Place: North Shore, Hawaii
The Moment: The Australians arrive on the international surf scene, revolutionizing the pastime and evolving it into a competitive realm, pushing boundaries and shaping the future of surfing. But the progress wasn’t widely embraced, particularly on the North Shore, where Hawaiians would stand their ground and protect tradition.
“As people’s comprehension of perfection reaches new heights, in relation to the level they are currently at, they begin expanding their mental awareness, absorbing and utilizing all relevant experiences, and their physical coordinations simply become a reflection of their inner knowledge.” – Wayne “Rabbit” Bartholomew, “Bustin’ Down The Door,” SURFER Magazine
The seventies were about peace and love? Not on the North Shore. As Australians and South Africans began their ascension as undeniable superpowers on the international surf scene, people the world began to take notice. They turned their attention towards the hallowed coastline of Hawaii, flooding the place beginning in 1974. While the boys from Down Under were claiming the title of “best” surfers for themselves, even they knew that the biggest and best waves were off the islands to their Northeast. And in the middle of the Pacific Ocean — where the spirit of modern surfing remained tucked away — the Hawaiians held tradition and respect near and dear to their heart.
For all intents and purposes, the Australians (more so than the South Africans) had indeed arrived. They were taking a pastime and turning it into a sport, a competitive sport. The old guard, in turn, wasn’t happy about this — it didn’t vibe with what they had come to appreciate as a true life of passion and love, what was a connection to the island’s forefathers before development had raped the land. In late 1976, stylemaster and North Shore local Gerry Lopez published an article in SURFER magazine that effectively accosted these up-and-comers, then known as Free Ride revolutionaries. As articulated in “Attitude Dancing,” to Lopez and his crew of heavies, the transplants were a threat to a way of life the islanders embraced and protected with all their might.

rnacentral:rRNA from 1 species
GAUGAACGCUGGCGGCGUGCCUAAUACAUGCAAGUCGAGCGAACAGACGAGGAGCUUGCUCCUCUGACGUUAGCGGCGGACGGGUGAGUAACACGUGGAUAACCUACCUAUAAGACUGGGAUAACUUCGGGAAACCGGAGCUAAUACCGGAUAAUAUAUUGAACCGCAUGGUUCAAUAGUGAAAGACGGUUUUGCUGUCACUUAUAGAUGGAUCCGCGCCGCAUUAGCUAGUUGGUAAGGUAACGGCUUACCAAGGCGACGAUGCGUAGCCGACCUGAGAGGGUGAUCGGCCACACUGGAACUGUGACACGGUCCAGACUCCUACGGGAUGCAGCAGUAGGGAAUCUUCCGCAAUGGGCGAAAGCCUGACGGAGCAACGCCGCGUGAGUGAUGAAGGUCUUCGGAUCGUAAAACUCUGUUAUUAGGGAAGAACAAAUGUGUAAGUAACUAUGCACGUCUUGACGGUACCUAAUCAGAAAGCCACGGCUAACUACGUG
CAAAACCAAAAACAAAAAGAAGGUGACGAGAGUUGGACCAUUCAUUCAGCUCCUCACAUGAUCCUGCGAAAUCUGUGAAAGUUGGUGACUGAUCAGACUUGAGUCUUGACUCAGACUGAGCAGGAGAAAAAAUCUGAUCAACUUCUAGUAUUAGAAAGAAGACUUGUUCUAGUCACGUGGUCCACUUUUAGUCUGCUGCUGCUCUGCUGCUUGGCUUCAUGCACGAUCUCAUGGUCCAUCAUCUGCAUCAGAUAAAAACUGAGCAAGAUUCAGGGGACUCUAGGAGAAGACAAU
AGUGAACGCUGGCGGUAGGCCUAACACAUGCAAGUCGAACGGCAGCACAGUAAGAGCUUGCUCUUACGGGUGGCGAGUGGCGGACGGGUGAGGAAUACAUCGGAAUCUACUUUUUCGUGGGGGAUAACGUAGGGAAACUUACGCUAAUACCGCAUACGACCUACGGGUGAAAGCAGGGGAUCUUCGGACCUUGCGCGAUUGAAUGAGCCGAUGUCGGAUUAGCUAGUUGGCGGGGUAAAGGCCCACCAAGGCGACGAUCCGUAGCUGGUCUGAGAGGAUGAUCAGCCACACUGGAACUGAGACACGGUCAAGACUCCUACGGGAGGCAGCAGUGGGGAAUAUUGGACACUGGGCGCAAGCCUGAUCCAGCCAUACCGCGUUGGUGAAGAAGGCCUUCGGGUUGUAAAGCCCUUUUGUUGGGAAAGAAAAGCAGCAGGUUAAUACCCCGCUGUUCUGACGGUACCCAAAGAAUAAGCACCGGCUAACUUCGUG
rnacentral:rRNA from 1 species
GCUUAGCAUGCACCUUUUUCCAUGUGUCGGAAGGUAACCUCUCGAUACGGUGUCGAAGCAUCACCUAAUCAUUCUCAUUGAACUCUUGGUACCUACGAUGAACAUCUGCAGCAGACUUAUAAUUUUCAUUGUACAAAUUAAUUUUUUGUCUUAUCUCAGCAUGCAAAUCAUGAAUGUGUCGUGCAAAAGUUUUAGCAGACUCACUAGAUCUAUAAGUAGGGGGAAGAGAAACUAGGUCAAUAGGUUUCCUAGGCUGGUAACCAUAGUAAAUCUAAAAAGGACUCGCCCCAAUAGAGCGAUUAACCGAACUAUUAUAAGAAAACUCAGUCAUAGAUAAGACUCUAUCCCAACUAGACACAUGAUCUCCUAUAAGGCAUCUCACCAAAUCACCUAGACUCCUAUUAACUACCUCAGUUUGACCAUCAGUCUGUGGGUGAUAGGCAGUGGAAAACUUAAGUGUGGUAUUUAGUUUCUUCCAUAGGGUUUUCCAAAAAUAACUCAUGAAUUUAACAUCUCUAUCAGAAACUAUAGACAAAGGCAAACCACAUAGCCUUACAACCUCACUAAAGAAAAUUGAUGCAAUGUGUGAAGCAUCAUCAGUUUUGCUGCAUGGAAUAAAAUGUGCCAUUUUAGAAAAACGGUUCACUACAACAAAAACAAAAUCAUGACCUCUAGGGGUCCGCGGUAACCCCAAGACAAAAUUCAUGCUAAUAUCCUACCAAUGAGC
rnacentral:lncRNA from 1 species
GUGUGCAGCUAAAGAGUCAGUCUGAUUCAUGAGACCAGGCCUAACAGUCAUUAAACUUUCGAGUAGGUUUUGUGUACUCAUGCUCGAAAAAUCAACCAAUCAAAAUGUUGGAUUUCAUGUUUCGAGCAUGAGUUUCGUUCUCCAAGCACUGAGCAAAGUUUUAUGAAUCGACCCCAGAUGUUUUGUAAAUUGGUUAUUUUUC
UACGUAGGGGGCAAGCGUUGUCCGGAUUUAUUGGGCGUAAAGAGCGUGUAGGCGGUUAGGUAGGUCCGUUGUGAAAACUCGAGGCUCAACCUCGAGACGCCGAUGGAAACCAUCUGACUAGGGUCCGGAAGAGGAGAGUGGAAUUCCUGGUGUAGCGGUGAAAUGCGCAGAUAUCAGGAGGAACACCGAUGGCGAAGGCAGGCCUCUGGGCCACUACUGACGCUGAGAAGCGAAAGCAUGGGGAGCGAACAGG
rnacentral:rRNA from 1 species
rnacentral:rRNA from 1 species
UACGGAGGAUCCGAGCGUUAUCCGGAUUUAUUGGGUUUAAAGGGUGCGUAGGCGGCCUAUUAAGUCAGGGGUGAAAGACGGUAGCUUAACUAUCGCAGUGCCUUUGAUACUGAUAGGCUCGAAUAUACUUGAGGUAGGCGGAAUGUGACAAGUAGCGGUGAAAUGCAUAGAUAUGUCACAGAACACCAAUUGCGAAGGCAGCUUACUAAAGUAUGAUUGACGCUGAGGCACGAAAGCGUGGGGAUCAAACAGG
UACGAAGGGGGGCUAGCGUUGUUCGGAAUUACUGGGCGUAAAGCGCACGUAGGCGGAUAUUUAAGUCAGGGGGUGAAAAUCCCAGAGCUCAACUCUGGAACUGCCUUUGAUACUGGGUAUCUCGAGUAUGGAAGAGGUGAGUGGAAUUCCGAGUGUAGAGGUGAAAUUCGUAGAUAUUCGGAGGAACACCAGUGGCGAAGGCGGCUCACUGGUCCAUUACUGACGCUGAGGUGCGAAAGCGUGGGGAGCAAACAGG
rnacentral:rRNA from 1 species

As expected, these transplants didn’t simply twiddle their thumbs and stay quiet. In response, Wayne “Rabbit” Bartholomew printed another article, also in SURFER, titled “Bustin’ Down the Door.” He took the opportunity to explain the other side, the non-natives’ side. In his eyes, they deserved the right to be where the best waves were to continue developing and evolving the sport — in fact, many at the time would say that the Australians were more innovative than the present-day grandfathers of the sport, introducing new styles and techniques previously unseen on the North Shore. The title itself was a reference to the means by which they planned on staying there.
Unfortunately, rather than coming to a mutual respect and understanding — what Rabbit insists what his mission in penning the piece — the Hawaiians took even greater offense to the foreigners’ presence. And thus he breathed life into Da Hui, and their gang of enforcers, the Black Shorts.
1977 was worse than anyone could have anticipated — there were constant death threats as well as physical confrontations in the lineup; Rabbit and his fellow countrymen took refuge wherever they could – namely resorts. The coastline was officially out of control. And it stayed that way until local legend and pioneer Eddie Aikau stepped in. Calling together a ho’oponopono, he brought together both sides of the battle in an effort to figure out how to better proceed. The solution? Banning Rabbit from the North Shore with the exception of professional competitions, and even then only his personal heats. Tensions continued, but the most heated exchanges were more or less quelled.
There is no denying the impact the 1970s had on surf as a sport as well as the effects of decade-plus tension would have in shaping the next 30 years. However, the main players in the Bustin’ Down The Door movement have moved on to be leaders in a less-volatile manner. Today, Rabbit has since served a 10-year tenure as president of the ASP, stepping down in 2009. When he resigned from his position, he had been an integral part of pro surfing for 36 years. He has also restored his relationship with the North Shore community and is a common sight on the immaculate stretches of reef. Lopez is now a yogi to the utmost, an embodiment of Aloha, and remains the very definition of Pipeline style.
The tensions have been documented in Jeremy Gosch’s acclaimed documentary, Bustin’ Down the Door. Watch the trailer below, and watch the full movie here.